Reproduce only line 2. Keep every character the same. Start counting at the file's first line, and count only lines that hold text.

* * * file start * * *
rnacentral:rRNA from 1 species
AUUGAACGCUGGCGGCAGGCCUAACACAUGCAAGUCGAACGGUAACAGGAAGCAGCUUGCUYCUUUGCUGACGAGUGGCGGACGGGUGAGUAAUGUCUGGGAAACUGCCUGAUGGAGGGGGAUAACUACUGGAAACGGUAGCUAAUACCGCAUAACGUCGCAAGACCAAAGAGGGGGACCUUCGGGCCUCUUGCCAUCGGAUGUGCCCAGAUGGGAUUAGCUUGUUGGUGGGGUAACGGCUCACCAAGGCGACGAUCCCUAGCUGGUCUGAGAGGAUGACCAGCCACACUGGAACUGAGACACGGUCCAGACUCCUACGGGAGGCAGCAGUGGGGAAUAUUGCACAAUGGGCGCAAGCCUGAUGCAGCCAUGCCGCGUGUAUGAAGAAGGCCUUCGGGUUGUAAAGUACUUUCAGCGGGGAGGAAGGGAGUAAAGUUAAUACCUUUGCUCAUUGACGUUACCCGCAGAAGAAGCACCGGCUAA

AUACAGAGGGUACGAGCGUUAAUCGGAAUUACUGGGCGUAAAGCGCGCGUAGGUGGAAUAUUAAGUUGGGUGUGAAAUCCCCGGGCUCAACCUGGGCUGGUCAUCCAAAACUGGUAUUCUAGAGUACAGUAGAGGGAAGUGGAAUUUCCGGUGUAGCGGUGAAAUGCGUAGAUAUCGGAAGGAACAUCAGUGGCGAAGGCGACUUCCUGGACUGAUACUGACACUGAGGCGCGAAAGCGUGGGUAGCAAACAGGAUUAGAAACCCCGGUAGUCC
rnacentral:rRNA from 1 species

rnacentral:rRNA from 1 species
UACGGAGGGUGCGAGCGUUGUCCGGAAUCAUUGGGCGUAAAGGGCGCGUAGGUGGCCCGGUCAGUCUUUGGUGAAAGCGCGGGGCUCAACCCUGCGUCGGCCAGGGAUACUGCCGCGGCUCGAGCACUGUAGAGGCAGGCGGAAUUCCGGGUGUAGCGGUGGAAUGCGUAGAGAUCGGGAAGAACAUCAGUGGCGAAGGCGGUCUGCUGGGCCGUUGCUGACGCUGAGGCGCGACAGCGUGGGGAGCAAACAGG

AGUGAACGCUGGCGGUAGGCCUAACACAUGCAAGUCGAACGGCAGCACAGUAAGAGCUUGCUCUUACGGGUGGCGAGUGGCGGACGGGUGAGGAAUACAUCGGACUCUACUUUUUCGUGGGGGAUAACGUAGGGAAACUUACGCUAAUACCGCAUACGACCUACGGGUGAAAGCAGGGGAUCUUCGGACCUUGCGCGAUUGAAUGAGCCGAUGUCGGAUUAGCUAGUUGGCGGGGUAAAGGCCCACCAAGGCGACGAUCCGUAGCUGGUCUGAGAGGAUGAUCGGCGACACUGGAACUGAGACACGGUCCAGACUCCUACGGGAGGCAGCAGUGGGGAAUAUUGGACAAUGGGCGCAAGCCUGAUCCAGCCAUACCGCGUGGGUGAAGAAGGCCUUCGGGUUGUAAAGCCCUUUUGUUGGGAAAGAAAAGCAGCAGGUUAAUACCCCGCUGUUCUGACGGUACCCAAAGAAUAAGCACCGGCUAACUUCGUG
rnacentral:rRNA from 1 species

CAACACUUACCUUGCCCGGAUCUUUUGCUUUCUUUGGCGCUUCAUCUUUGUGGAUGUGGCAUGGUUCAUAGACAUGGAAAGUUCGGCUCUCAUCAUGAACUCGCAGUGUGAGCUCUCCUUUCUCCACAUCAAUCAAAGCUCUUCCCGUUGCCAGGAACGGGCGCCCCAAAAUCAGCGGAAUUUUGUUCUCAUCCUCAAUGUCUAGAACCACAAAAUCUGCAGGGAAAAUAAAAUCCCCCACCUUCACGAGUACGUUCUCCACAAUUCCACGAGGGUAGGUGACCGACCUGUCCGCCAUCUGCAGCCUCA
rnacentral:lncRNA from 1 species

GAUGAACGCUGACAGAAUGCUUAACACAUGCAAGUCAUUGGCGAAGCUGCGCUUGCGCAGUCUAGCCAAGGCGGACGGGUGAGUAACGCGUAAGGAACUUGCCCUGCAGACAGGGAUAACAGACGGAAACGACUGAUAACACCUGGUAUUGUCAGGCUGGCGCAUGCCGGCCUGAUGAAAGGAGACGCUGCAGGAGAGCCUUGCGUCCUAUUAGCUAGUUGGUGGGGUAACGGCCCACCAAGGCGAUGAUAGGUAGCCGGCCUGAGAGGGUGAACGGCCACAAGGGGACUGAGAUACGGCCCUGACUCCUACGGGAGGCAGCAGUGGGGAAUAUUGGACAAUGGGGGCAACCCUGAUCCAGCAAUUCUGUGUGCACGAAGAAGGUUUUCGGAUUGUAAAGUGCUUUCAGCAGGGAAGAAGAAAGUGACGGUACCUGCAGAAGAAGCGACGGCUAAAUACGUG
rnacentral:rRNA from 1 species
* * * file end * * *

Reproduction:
AUUGAACGCUGGCGGCAGGCCUAACACAUGCAAGUCGAACGGUAACAGGAAGCAGCUUGCUYCUUUGCUGACGAGUGGCGGACGGGUGAGUAAUGUCUGGGAAACUGCCUGAUGGAGGGGGAUAACUACUGGAAACGGUAGCUAAUACCGCAUAACGUCGCAAGACCAAAGAGGGGGACCUUCGGGCCUCUUGCCAUCGGAUGUGCCCAGAUGGGAUUAGCUUGUUGGUGGGGUAACGGCUCACCAAGGCGACGAUCCCUAGCUGGUCUGAGAGGAUGACCAGCCACACUGGAACUGAGACACGGUCCAGACUCCUACGGGAGGCAGCAGUGGGGAAUAUUGCACAAUGGGCGCAAGCCUGAUGCAGCCAUGCCGCGUGUAUGAAGAAGGCCUUCGGGUUGUAAAGUACUUUCAGCGGGGAGGAAGGGAGUAAAGUUAAUACCUUUGCUCAUUGACGUUACCCGCAGAAGAAGCACCGGCUAA